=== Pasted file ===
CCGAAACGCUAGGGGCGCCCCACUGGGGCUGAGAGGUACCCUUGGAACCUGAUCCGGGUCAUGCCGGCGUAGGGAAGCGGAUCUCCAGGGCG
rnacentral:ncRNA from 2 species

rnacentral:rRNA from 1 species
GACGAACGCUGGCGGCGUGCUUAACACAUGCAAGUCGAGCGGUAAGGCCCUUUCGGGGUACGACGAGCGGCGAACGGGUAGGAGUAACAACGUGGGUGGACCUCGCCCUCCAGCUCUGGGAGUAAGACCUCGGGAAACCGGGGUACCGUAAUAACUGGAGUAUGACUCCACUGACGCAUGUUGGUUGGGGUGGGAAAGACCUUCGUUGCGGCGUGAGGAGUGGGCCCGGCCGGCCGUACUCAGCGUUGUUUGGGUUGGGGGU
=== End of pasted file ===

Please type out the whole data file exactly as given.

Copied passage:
CCGAAACGCUAGGGGCGCCCCACUGGGGCUGAGAGGUACCCUUGGAACCUGAUCCGGGUCAUGCCGGCGUAGGGAAGCGGAUCUCCAGGGCG
rnacentral:ncRNA from 2 species

rnacentral:rRNA from 1 species
GACGAACGCUGGCGGCGUGCUUAACACAUGCAAGUCGAGCGGUAAGGCCCUUUCGGGGUACGACGAGCGGCGAACGGGUAGGAGUAACAACGUGGGUGGACCUCGCCCUCCAGCUCUGGGAGUAAGACCUCGGGAAACCGGGGUACCGUAAUAACUGGAGUAUGACUCCACUGACGCAUGUUGGUUGGGGUGGGAAAGACCUUCGUUGCGGCGUGAGGAGUGGGCCCGGCCGGCCGUACUCAGCGUUGUUUGGGUUGGGGGU